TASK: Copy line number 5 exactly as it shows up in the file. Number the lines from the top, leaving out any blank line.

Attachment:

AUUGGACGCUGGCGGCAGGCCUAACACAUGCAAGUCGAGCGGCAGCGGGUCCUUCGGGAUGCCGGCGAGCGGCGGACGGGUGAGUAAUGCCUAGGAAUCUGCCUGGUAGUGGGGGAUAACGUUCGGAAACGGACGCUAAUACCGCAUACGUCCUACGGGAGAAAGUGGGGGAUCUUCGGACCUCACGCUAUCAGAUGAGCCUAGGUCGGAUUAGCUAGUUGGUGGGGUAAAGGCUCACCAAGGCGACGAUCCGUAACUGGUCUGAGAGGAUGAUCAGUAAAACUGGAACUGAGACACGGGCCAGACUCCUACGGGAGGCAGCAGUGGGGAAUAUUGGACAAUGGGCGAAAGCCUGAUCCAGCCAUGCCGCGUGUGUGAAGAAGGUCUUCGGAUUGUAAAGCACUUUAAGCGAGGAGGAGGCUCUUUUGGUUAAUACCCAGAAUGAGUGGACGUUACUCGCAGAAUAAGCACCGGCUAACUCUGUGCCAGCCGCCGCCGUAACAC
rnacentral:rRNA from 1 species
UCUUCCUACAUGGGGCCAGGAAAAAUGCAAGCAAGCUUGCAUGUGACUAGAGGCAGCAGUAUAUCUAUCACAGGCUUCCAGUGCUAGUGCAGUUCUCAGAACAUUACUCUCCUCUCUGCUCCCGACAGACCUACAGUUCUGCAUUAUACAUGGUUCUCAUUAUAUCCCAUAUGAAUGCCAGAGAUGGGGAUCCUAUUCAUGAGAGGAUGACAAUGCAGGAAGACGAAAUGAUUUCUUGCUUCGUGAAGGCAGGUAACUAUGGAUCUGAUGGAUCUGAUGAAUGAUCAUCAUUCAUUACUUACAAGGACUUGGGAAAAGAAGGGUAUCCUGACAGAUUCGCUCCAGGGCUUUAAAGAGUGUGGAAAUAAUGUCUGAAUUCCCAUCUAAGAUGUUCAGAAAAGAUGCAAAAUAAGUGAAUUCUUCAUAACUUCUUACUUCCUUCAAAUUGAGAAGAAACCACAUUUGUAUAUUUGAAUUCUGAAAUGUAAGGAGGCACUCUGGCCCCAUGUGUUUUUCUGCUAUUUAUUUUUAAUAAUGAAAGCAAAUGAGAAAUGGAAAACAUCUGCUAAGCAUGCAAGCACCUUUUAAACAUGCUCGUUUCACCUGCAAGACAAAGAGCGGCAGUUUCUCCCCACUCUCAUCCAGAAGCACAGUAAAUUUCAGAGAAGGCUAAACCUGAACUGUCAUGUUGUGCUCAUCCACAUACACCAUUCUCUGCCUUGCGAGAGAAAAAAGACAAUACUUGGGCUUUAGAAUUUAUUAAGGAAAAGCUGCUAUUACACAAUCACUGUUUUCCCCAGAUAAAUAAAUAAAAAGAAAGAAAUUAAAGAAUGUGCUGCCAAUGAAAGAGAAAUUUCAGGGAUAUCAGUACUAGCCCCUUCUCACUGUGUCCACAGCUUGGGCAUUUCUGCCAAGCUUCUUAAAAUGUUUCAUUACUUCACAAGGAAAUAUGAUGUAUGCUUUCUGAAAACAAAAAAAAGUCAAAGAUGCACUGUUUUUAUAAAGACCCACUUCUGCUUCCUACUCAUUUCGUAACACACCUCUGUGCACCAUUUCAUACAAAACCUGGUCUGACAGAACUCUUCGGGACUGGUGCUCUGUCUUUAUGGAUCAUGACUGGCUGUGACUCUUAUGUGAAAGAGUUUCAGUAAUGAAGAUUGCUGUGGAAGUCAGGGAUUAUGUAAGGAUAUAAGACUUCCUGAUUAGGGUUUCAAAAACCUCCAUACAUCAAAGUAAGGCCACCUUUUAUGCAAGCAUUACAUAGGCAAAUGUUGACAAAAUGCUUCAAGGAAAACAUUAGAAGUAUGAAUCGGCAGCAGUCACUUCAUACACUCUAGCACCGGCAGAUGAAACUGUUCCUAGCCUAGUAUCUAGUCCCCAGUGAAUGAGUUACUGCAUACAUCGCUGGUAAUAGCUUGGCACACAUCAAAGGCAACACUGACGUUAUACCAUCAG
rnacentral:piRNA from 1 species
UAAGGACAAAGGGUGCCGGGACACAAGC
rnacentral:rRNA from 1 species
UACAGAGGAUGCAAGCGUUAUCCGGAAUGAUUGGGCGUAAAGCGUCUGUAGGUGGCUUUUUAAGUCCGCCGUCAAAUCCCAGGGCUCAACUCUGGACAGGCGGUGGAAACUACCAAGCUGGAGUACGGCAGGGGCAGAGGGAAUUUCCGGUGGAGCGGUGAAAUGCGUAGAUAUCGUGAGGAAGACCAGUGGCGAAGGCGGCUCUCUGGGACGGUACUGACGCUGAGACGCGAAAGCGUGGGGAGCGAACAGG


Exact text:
UAAGGACAAAGGGUGCCGGGACACAAGC